The cart rolled back up the drive and barely hesitated at the edge of the road. As Betsy and I watched from our lawn chairs, it lurched out onto the asphalt, crossing over the solid line to turn left. Only seconds later, a car whooshed by, headed in the same direction. I realized I’d been holding my breath.
“Damn . . .” Betsy mumbled.
“I know,” I said. “I don’t think he can see.”
Despite being in the middle of a faculty meeting, I could no longer ignore the vibrations from inside my pocket. Third missed call from home, and, though Scott had the day off, he knew I was working. I stepped into the hall and called the house.
His reply sounded choked. “It’s Bill Williams. He was killed on the road the other day.”
My husband was not in the habit of regularly checking his email and so had just read the message sent by Andy Hartley a couple of days earlier. Bill had apparently pulled out in front of a nineteen year old who was driving his mother’s van. Perhaps a more experienced driver could have avoided the golf cart on the two-lane highway that has no shoulder, but at the legal speed of 55 along that stretch, probably not. Andy would later tell Scott how he’d happened to be passing the scene on his way home and actually seen, beyond the flashing lights and uniformed officers, Bill’s broken body lying like a sad rag doll several yards from the mangled golf cart, having been tossed there by the force of the van’s impact.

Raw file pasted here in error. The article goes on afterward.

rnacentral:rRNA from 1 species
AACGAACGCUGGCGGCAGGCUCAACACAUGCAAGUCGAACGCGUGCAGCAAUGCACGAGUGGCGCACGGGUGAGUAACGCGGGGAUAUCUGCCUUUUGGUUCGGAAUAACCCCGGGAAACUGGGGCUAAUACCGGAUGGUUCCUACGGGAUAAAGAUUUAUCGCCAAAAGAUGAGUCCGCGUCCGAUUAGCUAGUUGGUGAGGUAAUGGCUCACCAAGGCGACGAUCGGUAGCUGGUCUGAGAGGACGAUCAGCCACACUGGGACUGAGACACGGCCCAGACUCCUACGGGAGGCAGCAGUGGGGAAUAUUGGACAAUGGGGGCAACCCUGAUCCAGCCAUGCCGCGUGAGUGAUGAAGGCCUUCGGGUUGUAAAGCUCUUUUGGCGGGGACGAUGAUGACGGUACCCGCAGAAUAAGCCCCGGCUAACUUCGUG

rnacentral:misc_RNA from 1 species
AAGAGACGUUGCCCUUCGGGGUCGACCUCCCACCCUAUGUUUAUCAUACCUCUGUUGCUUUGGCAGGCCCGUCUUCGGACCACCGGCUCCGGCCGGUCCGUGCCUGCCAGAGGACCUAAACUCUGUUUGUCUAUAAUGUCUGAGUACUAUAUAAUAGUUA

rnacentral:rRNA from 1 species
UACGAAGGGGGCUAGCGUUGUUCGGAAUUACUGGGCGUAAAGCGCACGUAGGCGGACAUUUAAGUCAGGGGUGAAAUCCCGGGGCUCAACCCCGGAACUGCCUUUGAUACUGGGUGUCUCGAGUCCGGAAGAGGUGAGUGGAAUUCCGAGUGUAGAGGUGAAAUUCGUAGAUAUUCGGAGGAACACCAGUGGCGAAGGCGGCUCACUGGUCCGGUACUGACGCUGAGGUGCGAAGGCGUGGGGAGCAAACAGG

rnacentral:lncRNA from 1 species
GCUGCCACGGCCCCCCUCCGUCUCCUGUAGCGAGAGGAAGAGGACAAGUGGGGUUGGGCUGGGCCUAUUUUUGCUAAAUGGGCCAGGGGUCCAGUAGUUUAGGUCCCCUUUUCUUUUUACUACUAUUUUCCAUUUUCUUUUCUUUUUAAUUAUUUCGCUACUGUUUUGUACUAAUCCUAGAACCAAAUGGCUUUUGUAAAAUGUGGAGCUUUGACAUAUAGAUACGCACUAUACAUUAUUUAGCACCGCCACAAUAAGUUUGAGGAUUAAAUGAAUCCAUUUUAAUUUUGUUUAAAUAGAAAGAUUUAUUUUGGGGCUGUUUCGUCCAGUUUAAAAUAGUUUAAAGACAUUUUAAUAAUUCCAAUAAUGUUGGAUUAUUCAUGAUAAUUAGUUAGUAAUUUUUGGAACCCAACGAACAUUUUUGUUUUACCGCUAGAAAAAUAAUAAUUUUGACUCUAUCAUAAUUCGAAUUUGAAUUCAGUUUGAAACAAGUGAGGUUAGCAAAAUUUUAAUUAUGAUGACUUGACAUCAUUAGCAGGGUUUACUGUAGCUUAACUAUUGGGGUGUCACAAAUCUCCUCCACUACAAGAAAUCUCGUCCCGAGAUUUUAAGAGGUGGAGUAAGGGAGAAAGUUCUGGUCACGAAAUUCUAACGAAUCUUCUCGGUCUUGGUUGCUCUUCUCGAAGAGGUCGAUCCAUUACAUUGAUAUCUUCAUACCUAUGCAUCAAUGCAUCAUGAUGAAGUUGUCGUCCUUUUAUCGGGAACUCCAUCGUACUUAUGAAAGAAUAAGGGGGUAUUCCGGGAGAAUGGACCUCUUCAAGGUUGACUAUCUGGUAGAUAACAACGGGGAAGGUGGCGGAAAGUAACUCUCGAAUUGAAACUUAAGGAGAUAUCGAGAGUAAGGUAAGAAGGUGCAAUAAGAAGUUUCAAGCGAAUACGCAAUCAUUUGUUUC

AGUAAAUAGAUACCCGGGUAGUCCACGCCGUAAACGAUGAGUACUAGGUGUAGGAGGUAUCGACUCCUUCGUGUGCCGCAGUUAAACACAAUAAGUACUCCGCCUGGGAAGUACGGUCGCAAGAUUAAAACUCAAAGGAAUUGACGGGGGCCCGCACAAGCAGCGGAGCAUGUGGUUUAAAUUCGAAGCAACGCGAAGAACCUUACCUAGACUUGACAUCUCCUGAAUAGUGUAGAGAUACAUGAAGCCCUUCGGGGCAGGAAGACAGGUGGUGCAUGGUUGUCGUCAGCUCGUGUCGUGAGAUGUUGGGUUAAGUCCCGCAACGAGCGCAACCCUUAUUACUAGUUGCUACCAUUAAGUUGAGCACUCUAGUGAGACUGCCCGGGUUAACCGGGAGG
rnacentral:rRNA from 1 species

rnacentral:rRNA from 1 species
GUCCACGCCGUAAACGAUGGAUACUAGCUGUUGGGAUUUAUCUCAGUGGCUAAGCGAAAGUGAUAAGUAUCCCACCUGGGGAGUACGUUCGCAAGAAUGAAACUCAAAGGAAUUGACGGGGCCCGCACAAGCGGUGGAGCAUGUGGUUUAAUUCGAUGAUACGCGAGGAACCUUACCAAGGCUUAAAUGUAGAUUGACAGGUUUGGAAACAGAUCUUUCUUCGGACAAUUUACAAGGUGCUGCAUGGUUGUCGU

I heard shock in Scott’s voice as he told me about the arrangements, but I also heard something else. I wondered if he was regretting the drawn blinds, the unanswered knocks. I couldn’t bring myself to ask.
One day the following spring, just as the leaves began to bud and the mild breezes begged for open car windows, I caught movement out of the corner of my eye as I cruised around a corner on my way to work. A golf cart, just barely off the asphalt onto the grassy strip that borders the road, headed in the other direction, driven by a tall man wearing dark glasses, tufts of his white hair poking out from a baseball cap. My first thought was that Bill had strayed a bit far from the neighborhood this time. It took a moment for the realization to kick in that Bill could not be driving this or any other golf cart.
Or could he?
I reflexively glanced in my rearview mirror, but I’d already rounded the bend. I considered doubling back, just to see if I’d imagined the resemblance, but decided against it. I prefer to believe that Bill is still out there, somewhere, doing what he loved to do and that, if I’m lucky, the next time I pass him and toot, he’ll wave.